How to Clean to Remove Food Allergens
Your home should be your “safe space” — the place where you and your family can be most relaxed, knowing that you’ve minimized the risk of ingesting harmful allergens.
Cleaning is a valuable strategy in preventing exposure to allergens. Some food proteins are stubbornly resistant and do not break down over time. In a 2013 study published in Allergy, Asthma, and Clinical Immunology, peanut butter was spread on a table and left uncleaned. After three months, peanut protein was still present on the table. It takes active and frequent cleaning to remove trace allergens and prevent cross-contact. Here are some guidelines to help you properly clean to remove allergens.
Before cooking or eating, make certain your hands are clean. Washing with bar soap or liquid soap is an effective way to clean protein from your hands. Commercial hand wipes also remove allergens. However, washing hands with plain water or rubbing hands with non-detergent, alcohol-based hand sanitizer will not remove allergens reliably. Conceivably, hand sanitizer does not remove the allergen, but instead spreads the protein around.
Countertops and Fixtures
To clean like a professional, follow this three-step process to remove food allergens from countertops and fixtures:
- Wash: With warm, soapy water and a single-use towel, wipe down all surfaces.
- Rinse: Fill a spray bottle with fresh water. Spray surfaces that have been cleaned with soapy water. Wipe with a clean, single-use towel.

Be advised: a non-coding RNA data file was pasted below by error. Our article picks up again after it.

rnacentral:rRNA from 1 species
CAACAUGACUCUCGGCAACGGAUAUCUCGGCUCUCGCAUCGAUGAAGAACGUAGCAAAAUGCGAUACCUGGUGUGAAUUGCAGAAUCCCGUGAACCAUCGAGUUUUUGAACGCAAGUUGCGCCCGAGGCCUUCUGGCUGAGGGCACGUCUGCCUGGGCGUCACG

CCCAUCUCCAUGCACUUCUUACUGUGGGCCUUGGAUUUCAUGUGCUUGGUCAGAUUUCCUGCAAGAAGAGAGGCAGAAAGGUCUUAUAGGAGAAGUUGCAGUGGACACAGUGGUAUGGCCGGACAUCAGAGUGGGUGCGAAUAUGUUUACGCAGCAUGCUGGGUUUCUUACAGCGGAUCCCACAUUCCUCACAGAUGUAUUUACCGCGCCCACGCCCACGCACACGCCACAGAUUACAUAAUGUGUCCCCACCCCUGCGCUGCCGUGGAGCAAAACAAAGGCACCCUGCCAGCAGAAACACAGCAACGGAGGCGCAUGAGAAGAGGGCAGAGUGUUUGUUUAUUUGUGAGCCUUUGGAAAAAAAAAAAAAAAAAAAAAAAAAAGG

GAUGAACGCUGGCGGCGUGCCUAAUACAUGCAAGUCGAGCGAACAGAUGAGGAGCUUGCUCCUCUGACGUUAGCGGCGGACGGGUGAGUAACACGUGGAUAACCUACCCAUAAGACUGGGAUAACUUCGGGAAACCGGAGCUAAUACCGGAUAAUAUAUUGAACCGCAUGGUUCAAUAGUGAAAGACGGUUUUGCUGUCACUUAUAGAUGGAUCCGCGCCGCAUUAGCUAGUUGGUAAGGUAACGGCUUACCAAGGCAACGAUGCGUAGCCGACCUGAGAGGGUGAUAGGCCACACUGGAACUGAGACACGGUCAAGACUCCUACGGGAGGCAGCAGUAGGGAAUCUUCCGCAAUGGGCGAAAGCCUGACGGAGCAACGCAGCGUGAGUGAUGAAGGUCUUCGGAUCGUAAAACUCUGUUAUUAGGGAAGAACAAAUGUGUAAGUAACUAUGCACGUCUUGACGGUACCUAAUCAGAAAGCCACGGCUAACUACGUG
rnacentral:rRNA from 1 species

- Sanitize: With single-use, sanitized towels or wipes, polish surfaces and let them air dry.
Other effective surface-cleaning methods include commercial cleaning wipes that contain detergent or all-purpose detergent spray cleaners used with paper towels or clean cloths.
Washing dishes by hand with a solution of dish soap and water will remove food allergens. However, a sponge or dish cloth that comes into contact with allergens will not be allergen-free. Consider designating a “safe sponge” that is used only on dishes that are free of your allergens.
A dishwasher is also a dependable way to clean your dishes. When you empty the machine, check the washed dishes for any solid food debris, and rewash any dishes that may still have food particles on them.
For more information, download FARE's "Creating a Food Allergy Safety Zone at Home" booklet.
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